"The tests are a major milestone in the offering by Airbus of personal mobile telephones aboard commercial aircraft from 2006," it said.

    PDAs and other wireless devices were tested in a separate trial, which capped a two-year study led by German Aerospace Center DLR, it said.

    While falling fares drive simpler service on short flights, airlines competing on intercontinental routes are turning to innovations such as Internet access, flat beds, and better music and video systems to distinguish their brands.

    Airbus rival Boeing, for example, has developed Connexion by Boeing, an onboard broadband Internet service.

    Germany's Lufthansa launched the Internet service under the name Lufthansa FlyNet in May aboard some planes and aims to have it available on its entire long-haul fleet by the first quarter of 2006.

    Airbus' mobile-phone trial involved using a small onboard base station, or "picocell," and routing calls via the Globalstar satellite communications network to the ground and terrestrial telephone networks.

    Airbus, along with Geneva, Switzerland-based SITA and Seattle-based Tenzing, announced plans to form a new company in July aimed at helping airlines deploy such technology.

    The companies said the aim was to enable passengers to use cell phones, laptops and PDAs on planes--and to be billed through their own phone company or Internet service provider.
  9. #29  
    you can even use your wifi equipments on certain flights
    so....well, tell those flight attendants to eat their rules!
  10. #30  
    As you are getting on the plane you can sometimes ask the FA to ask the pilot (or ask him directly yourself). I had a Kyocera 7135 and had a couple problems with FA's. One time I was getting on to a Continental flight from Newark to Ohio and as I was getting on I had the opportunity to speak to the pilot (he was standing with the FA). I pulled out the Kyo and started explaining what it was, he told me he had one as well and to go right ahead.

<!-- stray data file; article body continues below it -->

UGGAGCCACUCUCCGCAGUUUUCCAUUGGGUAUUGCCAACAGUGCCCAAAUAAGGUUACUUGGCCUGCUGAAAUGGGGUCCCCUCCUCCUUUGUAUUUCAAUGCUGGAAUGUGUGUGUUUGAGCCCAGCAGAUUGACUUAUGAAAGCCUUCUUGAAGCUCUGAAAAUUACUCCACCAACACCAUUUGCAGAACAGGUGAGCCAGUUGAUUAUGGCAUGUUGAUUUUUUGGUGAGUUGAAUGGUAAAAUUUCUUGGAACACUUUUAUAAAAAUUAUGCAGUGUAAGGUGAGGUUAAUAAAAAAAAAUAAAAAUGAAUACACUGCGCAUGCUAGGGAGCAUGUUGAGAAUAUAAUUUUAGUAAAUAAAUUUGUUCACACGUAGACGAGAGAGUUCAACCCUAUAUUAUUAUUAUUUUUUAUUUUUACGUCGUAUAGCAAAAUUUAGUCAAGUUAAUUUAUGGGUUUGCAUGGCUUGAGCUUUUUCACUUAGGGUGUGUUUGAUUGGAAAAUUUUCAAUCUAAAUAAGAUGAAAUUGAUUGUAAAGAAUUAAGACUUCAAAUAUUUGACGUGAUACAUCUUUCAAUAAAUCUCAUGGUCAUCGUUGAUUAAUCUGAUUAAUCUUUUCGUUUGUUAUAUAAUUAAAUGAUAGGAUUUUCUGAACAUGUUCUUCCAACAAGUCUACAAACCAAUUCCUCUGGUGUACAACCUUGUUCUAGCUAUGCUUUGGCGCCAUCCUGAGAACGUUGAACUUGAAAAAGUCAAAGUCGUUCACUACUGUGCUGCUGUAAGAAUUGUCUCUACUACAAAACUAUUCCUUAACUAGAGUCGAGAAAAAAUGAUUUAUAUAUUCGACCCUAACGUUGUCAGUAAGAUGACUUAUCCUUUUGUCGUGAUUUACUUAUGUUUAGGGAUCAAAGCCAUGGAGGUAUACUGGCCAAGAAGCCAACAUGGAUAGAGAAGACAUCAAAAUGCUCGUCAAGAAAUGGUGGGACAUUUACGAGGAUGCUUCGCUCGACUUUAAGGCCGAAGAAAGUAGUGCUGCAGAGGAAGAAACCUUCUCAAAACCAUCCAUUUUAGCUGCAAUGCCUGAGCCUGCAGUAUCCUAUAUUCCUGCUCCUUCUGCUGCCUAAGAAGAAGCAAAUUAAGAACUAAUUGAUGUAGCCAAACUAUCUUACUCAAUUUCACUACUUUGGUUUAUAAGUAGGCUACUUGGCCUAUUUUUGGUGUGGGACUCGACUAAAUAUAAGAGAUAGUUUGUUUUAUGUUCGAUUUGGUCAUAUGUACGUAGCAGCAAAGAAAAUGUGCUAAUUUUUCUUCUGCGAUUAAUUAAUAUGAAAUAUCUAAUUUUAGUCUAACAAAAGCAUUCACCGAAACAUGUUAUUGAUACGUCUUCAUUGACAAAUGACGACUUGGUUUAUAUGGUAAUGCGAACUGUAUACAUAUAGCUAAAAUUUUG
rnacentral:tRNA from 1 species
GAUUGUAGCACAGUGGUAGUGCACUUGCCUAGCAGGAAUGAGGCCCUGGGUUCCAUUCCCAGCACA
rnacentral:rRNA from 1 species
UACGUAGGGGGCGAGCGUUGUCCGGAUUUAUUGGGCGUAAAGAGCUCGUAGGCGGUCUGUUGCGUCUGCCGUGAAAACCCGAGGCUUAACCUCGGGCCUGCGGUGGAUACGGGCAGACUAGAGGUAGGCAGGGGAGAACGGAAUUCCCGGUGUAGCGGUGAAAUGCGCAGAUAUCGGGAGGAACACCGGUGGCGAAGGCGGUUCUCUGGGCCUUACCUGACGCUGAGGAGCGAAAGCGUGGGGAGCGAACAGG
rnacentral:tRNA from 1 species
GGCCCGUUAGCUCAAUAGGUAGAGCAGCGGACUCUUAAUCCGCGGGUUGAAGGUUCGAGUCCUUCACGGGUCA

11. #31  
    Quote Originally Posted by hoju
    Oh, I hate to be the weenie to say this, but the iMate PDA2K doesn't have an antenna, so you wouldn't have this problem.

    And I'm a Mac guy, seriously considering a Windows cell phone. What has the world come to?

    - hoju
    I just took the plunge and ordered a PPC-6601, so no more antena least not until the Tre0 700 lures me back into the fold!
  12. Sky Nazi's Avatar
    98 Posts
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    99 Global Posts
    Cell phones do in fact interfere with the communication equipment on aircraft. There have been numerous time when receiving an incoming call, I can hear ALOT of static in the cockpit speakers or headsets. I am no EE, but I believe it has to do with the cell phones transmitting a stronger signal on initially receiving or transmitting a signal for a call. I do know that the batteries on my treo will not last more than one day if I leave the wireless signal on when flying, it normally is good for 3 days.

    I have flown more than 150 flights in the back and have never been asked to turn of the treo in flight. However, I always hold my treo with my left hand, and cover the antennae with my index finger.
    Devices Owned:
    Handspring 600 (retired), Treo 650 x2 (retired), Centro x2 (offline usage), Palm Pre x2, HTC EVO

    Apps I can't live without on my Pre:
    Dr. Podder, Music (Remix) and JogStats
  13. #33  
    There are two different issues here.

    1. Cells phones at 36K feet rarely if ever have a signal, so draininig the battery should actaully happen since when a digital phone (I think for analog as well) doesn't have a signal lock it will continuously try to connect to a network.